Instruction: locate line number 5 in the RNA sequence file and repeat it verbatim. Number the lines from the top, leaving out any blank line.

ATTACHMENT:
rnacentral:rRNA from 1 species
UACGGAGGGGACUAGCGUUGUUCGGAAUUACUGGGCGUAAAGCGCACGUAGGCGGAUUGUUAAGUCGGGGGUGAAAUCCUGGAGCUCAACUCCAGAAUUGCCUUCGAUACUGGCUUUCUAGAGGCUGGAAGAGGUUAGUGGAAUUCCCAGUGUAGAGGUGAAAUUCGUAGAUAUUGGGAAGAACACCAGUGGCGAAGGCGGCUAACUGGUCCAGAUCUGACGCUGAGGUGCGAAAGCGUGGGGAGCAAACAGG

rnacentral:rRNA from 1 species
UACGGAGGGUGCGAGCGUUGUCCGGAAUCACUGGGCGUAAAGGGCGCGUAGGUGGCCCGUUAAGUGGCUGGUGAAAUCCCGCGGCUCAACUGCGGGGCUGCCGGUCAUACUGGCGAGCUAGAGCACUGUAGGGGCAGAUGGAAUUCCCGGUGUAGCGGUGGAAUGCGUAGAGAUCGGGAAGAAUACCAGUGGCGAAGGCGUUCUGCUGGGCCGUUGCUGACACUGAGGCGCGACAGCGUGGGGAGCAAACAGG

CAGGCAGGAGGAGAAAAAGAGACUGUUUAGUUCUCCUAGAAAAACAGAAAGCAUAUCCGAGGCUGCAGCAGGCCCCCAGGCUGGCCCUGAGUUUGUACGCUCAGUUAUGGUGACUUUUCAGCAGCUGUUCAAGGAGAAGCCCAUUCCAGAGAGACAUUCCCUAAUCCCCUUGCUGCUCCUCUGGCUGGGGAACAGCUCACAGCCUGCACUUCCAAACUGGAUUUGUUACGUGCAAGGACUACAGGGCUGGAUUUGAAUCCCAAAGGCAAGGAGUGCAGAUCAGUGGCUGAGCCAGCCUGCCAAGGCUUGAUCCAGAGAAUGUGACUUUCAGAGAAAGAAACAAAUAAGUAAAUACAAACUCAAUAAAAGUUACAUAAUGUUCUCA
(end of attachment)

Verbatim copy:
CAGGCAGGAGGAGAAAAAGAGACUGUUUAGUUCUCCUAGAAAAACAGAAAGCAUAUCCGAGGCUGCAGCAGGCCCCCAGGCUGGCCCUGAGUUUGUACGCUCAGUUAUGGUGACUUUUCAGCAGCUGUUCAAGGAGAAGCCCAUUCCAGAGAGACAUUCCCUAAUCCCCUUGCUGCUCCUCUGGCUGGGGAACAGCUCACAGCCUGCACUUCCAAACUGGAUUUGUUACGUGCAAGGACUACAGGGCUGGAUUUGAAUCCCAAAGGCAAGGAGUGCAGAUCAGUGGCUGAGCCAGCCUGCCAAGGCUUGAUCCAGAGAAUGUGACUUUCAGAGAAAGAAACAAAUAAGUAAAUACAAACUCAAUAAAAGUUACAUAAUGUUCUCA